To Grow Your Business, Ask Questions First

by francine Hardaway on September 2, 2008

Tomorrow I leave the Bay Area with its plethora of innovators, resources, early adopters and smart people and travel back to reality.My thoughts are drifting back to the entrepreneurs I deal with in Arizona, who are trying to survive, thrive and grow in a difficult environment.

The environment is partly a reflection of outside events, partly a mental state, and partly a true shortage of capital.

The angels have gone away, slapped down by the real estate crisis and their own illiquid assets. The banks are burdened by their bad loans. And most companies I coach are either not ready for VC money or will never be in a space that interests a VC.

So the entrepreneurs are stuck, aren’t they? If they want to grow, or even to stay in business, they have to get serious about marketing. Now’s the time to ask yourself whether you have a product or service
the market even WANTS, and then how to reach that idea universe of
customers. Because you aren’t going to do it without customers.

Props to Aaron Bare from Career Tours, one of our Fasttrac volunteer resources, who sent me the correct list of questions to ask yourself if you are a small business looking to get into or grow a market.

1.What is your value proposition?

2. What is your target market?

3. What sales channels can you tap into?

4. Do you have an online marketing plan? (SEO + SEM)

5. How do you enable PR, word of mouth and guerrilla marketing?

6. How can I use partnership opportunities to help both my company and the partner?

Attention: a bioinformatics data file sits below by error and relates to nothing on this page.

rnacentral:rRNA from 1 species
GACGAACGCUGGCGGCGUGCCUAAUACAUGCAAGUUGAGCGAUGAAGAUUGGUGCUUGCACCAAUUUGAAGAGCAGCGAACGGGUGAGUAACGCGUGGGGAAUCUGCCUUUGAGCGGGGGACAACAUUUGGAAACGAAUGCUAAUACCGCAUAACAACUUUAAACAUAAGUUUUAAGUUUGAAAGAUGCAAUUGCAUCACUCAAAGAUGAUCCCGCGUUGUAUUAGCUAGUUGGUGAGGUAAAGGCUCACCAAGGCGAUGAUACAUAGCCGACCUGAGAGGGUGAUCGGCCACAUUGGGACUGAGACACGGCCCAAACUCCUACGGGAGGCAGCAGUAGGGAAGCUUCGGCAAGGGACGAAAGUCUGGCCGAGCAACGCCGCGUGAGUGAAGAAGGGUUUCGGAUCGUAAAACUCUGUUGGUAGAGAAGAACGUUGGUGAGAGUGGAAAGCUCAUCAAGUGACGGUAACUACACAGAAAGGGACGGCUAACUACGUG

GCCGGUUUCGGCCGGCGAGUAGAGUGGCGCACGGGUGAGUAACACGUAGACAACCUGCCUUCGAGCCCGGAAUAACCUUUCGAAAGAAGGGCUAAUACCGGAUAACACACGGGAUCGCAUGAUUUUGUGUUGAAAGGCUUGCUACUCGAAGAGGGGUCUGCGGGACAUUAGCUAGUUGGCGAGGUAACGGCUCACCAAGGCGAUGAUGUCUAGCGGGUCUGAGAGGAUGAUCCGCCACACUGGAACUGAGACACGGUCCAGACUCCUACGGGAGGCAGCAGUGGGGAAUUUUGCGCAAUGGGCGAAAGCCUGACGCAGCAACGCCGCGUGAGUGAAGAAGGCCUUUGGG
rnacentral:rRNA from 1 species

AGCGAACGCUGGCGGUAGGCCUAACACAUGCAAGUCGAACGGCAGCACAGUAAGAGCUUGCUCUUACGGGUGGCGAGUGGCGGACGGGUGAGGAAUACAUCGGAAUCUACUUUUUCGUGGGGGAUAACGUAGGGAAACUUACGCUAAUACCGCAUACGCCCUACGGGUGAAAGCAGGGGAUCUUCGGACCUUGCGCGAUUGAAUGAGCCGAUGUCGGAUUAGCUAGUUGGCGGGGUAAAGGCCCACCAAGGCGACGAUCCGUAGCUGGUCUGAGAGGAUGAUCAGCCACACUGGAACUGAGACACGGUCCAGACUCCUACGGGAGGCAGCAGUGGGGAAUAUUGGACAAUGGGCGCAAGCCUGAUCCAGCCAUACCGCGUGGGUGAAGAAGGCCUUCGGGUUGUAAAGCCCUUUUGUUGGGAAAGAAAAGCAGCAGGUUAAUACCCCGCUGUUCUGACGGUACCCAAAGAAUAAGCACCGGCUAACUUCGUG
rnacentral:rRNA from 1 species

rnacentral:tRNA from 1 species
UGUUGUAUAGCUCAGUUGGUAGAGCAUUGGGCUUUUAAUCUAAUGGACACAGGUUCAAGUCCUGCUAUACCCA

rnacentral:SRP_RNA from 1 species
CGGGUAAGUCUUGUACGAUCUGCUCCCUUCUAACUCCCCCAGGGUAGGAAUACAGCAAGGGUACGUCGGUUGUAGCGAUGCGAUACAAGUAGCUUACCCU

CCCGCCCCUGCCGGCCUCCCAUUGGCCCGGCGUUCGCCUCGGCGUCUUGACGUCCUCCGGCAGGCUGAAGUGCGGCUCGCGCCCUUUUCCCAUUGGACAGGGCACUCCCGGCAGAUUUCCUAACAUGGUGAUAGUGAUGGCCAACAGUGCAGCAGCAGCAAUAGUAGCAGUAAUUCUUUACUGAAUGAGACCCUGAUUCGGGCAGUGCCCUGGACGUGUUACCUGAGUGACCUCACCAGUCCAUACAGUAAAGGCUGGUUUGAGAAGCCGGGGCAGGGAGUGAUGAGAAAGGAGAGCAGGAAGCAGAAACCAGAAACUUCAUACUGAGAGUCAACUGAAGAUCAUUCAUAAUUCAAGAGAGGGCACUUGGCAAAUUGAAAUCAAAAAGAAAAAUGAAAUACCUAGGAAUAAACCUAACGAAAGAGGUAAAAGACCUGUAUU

7. Is there a joint venture opportunity somewhere?

8. What is my plan for growth?

These are the right questions. We will spend the next ten weeks helping companies ask them.

Why won’t we just skip right to helping them answer the questions? Because you can’t answer them until you ask them, and many companies don’t devote the time to learning what to ask themselves before looking for answers. That’s why companies ask marketing providers for “a brochure” a “web site,” “a blog,” without knowing what they are going to do with these tools.

{ 2 comments… read them below or add one }

Allan Himmelstein September 2, 2008 at 5:03 pm

This is an excellent post. I also am in Arizona and deal with small business owners, who do not ask enough questions. I recently wrote a Blog on Effective Listening. You have to know the right questions to effectively listen. Keep up the good work. Never ever stop asking the questions.

Michael VanDervort September 2, 2008 at 6:30 pm

Nice post Francine,

Have you ever considered doing distance coaching, webinars, etc? — Michael

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